Losing your dignity on New Year’s Eve is one thing, but revellers also mislaid plenty of other valuables as they rang in 2016.
A lost and found website which reunites people with their goods has been inundated with notices in the last few days.
Passports, smartphones, wallets, coats, keys, and driving licences are just some of the items people mislaid as they celebrated around the country on December 31.
One Tipperary man, who lost a favourite wallet in Kilkenny, has now offered a reward for its return.
He turned to the Lost.ie website with the following appeal: “It’s a black leather Ripcurl wallet which is too small for Irish notes as it was bought in Australia. My Aussie licence was inside too so it’d be easily identified.
“The wallet was given to me by my best mate so it has sentimental value so I’d like if at all possible to get it back. I’d be willing to give a €50 reward to anyone who hands it in either to the Garda station or they can call me.”
Meanwhile, one reveller, who likes a particular day of the week, appealed for the return of a gold iPhone 6 lost in Swords on New Year’s Eve. “(It) was in white cover where was written text ‘Friday is my favourite F word’ with black letters. Hope someone has found and will give me back!” they told Lost.ie.
An Austrian visitor who lost his wallet in Cork city didn’t care about getting his cash or credit cards back. “The finder can keep the money (€50), I just need my driving licence back,” he wrote.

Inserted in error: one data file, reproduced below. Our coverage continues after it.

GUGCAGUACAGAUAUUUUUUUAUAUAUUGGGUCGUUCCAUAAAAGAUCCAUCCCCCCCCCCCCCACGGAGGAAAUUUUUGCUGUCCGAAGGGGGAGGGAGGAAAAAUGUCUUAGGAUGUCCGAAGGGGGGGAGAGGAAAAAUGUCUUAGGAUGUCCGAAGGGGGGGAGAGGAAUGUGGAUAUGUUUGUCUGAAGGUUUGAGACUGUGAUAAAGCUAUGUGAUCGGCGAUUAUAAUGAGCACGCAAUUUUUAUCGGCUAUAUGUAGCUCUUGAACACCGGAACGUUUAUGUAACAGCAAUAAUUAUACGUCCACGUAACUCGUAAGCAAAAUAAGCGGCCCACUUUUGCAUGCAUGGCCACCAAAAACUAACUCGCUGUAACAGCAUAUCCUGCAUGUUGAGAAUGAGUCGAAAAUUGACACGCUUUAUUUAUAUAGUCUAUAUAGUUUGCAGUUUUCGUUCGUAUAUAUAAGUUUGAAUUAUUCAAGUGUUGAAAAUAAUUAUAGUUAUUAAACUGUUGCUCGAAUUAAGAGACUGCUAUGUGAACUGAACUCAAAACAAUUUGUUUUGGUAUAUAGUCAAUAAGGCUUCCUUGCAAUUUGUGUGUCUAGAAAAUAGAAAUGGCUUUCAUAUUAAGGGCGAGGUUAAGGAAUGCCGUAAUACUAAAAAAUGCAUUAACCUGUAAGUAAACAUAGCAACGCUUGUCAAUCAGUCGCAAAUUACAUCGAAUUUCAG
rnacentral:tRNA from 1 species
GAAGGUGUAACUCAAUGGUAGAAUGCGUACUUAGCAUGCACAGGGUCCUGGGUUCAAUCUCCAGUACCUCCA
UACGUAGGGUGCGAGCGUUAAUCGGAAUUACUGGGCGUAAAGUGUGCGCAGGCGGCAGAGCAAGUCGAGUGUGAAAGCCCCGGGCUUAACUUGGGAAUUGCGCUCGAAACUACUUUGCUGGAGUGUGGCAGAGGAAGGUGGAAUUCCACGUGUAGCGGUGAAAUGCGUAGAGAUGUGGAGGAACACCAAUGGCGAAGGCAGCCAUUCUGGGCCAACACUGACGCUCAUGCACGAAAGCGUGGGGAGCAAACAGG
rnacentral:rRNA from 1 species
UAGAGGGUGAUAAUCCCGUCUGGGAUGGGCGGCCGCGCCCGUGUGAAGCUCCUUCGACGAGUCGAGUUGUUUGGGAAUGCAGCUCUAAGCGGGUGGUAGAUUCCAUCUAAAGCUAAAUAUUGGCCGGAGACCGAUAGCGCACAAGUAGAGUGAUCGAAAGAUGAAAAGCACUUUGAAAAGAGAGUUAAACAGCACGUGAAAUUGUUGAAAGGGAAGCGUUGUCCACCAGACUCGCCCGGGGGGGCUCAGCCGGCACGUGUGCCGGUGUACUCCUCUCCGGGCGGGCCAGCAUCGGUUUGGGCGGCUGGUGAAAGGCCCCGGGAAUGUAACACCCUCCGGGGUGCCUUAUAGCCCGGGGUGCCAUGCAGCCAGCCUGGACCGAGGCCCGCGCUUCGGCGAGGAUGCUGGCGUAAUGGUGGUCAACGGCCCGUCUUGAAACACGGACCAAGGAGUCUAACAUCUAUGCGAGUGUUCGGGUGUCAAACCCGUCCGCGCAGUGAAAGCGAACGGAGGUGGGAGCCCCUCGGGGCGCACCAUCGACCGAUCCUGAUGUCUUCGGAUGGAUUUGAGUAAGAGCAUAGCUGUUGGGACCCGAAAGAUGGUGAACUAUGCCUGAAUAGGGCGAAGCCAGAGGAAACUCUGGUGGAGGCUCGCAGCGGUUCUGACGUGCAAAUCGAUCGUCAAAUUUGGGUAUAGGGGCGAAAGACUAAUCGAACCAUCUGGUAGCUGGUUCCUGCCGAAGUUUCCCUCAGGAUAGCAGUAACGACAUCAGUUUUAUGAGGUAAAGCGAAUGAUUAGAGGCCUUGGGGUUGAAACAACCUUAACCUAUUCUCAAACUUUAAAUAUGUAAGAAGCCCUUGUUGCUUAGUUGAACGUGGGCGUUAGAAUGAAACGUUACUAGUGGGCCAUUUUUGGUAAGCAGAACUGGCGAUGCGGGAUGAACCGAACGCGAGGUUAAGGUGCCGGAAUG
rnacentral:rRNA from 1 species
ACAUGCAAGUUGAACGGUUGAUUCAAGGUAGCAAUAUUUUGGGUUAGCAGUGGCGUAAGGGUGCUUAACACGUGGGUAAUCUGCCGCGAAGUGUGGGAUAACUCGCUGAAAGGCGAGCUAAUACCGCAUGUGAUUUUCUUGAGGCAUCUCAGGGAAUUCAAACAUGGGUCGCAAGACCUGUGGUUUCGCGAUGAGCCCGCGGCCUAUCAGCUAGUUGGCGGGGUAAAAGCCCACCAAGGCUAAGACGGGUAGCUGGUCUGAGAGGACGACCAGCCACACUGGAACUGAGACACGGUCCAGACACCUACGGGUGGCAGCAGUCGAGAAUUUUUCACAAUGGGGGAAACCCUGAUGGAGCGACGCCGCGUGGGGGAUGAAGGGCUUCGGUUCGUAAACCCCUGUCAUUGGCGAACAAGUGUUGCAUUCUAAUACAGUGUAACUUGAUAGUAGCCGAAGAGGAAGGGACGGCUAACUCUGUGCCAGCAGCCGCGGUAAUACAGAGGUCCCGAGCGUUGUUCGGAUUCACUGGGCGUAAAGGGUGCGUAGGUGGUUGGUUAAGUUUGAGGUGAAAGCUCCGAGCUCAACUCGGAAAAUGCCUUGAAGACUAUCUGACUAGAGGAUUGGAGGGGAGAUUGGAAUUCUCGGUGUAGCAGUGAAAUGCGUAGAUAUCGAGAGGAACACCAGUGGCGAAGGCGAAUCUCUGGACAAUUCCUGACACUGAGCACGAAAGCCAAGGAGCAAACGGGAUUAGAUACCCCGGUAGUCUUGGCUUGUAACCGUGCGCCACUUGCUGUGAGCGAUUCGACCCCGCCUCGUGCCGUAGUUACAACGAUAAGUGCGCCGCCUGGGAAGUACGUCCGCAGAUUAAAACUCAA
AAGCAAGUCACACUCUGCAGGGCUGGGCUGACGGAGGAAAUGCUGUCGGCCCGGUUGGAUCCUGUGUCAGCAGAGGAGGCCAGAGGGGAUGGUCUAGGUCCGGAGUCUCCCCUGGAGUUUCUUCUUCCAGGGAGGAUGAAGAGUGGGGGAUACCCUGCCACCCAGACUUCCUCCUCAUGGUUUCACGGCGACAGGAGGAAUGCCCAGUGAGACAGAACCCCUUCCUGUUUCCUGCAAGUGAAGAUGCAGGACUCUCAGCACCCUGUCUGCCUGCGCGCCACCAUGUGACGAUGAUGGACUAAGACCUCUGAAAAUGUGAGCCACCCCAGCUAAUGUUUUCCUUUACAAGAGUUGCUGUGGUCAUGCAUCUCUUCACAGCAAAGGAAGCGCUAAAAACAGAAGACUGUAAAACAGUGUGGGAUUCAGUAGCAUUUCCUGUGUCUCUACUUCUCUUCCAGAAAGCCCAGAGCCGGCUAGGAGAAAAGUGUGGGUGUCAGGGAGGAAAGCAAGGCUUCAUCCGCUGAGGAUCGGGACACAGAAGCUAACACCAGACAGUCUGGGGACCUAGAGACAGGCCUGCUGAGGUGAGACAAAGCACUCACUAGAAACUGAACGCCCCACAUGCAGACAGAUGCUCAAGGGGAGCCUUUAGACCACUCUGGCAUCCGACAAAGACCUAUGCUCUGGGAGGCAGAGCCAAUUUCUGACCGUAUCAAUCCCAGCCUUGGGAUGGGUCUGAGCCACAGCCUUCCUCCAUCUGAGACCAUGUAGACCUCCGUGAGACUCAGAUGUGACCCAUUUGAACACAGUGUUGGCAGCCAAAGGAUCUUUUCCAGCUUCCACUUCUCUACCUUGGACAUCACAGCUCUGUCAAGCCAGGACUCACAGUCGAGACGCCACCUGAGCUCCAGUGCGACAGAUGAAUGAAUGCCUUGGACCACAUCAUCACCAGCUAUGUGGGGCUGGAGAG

Another young woman who forgot her green, shiny handbag in a taxi en route to Lucan, Dublin after the New Year was cheered in, hoped to jog the driver’s memory by telling him she was the one with the croaky voice who “gave you some sweets and a packet of crisps!”
However, it’s not just on New Year’s Eve that people mislay their property. One wonders did ‘Paddy’ ever track down the accountant ‘Emma’ with the “gorgeous smile” whom he met at a Kings of Leon concert two years ago but forgot to save her number.
A 46-year old from Dublin is looking for the return of his or her “lost soul”. “I was eight years old when I first noticed its absence. I was on my way to attend Sunday services at my church when I became aware I no longer felt its demanding and authoritative presence. Have you seen a lost soul?”
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